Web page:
A Wealth of Macedonian Treasures Overlooked By Looters
Archaeologists at a Macedonian graveyard in Greece have been ecstatic to find that graverobbers had far from cleaned out the ancient resting place. The burial ground was looted in ancient times and later but the robbers did not steal everything of value, leaving treasures of gold, silver and bronze for the architects to uncover. After years of searching, experts have been able to find many historic treasures, including a rare gold mask at the site. The finds are of immense importance as they are revealing insights about society and warfare in Ancient Greece.
A Lightly Looted Necropolis
The archaeologists were working at a site in Ahlada, near Florina, in Macedonia, in north-western Greece. According to the Greek Reporter the finds were made in a “a vast ancient cemetery”. The graveyard is believed to date back to at least the 6 th century BC, but many of the graves come from different time periods. The cemetery is associated with the ancient Macedonians who lived in the area.
A warrior’s grave with Bronze helmet and other grave goods. (Greek Ministry of Culture)
This burial site had been looted by grave robbers in antiquity and in later times. The theft of antiquities is not just a modern problem but has a long history. It is not known how many graves were opened and how many priceless artifacts were stolen in the past. Many believed that the site had no more treasures, but there were a large number of burials that had been missed by the robbers. This meant that the archaeologists “managed to uncover a number of artifacts that must have been overlooked by the robbers” report Neoskosmos.
Previously some 1,100 graves had been identified at the site in Ahlada. However, after the latest finds another 200 burials with skeletons and often grave goods have been identified. Why these burials were missed by ancient looters is not known. These graves have been left miraculously undisturbed for centuries. In the newly discovered graves, the archaeologists were amazed at the riches that they found.
A tomb with figurines and bronze vessels. (Greek Ministry of Culture)
Macedonian Treasures of Warrior Aristocracy
The Greek Culture Ministry announced in a statement that the “most impressive finds came from the graves of warriors who died in the 6th century BC and were members of a powerful military aristocracy” reports Ekathimerini.com. As members of the elite, they would have been buried with valuable grave goods, as was the custom, in this era. Among the items that were recovered from the graves was a “valuable face mask , made specially for funerals” reports Phys.org. The funerary mask was made from beaten gold and must have belonged to someone who was very powerful and had a high status in the local society.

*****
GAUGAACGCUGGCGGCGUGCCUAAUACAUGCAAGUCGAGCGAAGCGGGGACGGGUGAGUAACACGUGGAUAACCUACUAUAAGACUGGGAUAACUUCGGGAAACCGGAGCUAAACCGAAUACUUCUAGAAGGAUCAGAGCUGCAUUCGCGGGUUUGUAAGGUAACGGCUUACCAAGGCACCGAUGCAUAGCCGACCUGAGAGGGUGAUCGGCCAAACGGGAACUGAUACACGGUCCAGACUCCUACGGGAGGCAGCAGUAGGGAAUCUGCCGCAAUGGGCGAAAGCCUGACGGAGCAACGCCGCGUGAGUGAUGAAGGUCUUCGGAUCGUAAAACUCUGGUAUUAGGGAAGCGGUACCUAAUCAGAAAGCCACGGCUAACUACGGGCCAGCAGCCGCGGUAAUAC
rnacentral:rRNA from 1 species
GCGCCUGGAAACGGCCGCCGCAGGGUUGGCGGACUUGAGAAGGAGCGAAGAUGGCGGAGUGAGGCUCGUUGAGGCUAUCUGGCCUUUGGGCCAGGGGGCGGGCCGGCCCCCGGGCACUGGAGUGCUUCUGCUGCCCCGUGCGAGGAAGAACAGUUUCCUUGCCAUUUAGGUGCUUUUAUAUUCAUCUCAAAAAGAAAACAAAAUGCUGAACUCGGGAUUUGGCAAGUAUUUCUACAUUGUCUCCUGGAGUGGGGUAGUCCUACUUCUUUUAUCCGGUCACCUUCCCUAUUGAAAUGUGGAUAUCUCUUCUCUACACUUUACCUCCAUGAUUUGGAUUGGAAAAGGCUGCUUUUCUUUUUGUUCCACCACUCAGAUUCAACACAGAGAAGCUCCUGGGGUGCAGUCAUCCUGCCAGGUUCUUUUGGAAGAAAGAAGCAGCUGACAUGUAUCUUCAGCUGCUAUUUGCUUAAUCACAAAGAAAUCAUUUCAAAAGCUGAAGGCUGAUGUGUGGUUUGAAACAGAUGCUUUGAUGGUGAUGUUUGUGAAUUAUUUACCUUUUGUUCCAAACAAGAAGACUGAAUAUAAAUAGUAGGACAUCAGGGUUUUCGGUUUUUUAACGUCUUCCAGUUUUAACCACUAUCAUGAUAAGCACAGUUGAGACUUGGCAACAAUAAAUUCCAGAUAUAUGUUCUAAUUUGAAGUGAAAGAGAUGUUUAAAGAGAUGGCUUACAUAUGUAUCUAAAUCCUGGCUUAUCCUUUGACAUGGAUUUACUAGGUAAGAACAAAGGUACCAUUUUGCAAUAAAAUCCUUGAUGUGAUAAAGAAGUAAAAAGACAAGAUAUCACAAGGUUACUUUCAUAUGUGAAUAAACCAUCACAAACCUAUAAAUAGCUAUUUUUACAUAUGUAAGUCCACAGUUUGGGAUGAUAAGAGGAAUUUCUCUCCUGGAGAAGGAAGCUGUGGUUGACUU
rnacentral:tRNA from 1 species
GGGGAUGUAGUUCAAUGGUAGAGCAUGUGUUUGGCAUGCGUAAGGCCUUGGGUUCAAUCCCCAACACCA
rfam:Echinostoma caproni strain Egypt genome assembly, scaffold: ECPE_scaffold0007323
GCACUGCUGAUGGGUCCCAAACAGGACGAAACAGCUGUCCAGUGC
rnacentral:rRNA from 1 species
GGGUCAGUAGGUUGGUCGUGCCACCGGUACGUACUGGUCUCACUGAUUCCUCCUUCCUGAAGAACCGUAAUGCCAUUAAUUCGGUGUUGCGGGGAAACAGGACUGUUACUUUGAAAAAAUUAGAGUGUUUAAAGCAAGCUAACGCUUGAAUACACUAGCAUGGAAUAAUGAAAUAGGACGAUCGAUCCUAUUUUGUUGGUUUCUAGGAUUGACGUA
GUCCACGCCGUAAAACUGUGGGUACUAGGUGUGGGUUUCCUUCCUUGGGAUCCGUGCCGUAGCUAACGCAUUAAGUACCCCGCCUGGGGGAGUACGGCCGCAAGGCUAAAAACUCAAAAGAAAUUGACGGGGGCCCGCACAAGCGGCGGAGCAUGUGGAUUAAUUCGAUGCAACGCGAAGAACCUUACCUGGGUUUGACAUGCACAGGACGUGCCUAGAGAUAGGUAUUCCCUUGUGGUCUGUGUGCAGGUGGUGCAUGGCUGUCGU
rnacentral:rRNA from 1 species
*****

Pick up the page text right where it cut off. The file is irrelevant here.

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One rich grave contained a gold funerary mask, silver forks and gold rings. (Greek Ministry of Culture)
Many of the warriors appear to have been buried with their weapons and their armor. In some of the graves were found parts of weapons such as iron spear points and fragments of swords blades. The archaeologists also unearthed four helmets made from bronze, with cheekpieces and some bronze ‘greaves’, that would have protected the lower legs of the warriors.
Ancient funerary practices
The team also found a bronze urn, which is remarkably well-preserved. It has a skilfully crafted handle in the form of a hand, but the other handle is missing. Some fragments of figurines were also found in some of the graves. According to the Greek Reporter , the team also discovered ‘an iron model of a farm cart’. Some of these items may have been related to ancient funerary practices.
Tomb with figurines and other grave goods. (Greek Ministry of Culture)
The finds are extraordinary because they offer an insight into society in what was ancient Macedonia. They can help researchers to better understand the funerary practices at the time and even something about the culture’s beliefs. The finds can also help them to understand the warrior-elite who once dominated this part of the world. Work is continuing at the vast burial ground and it is hoped that more valuable grave goods, can be unearthed.
Top image: This bronze vessel was one of many Macedonian treasures missed by looters at Ahlada, near Florina, in Macedonia Source: Greek Ministry of Culture
By Ed Whelan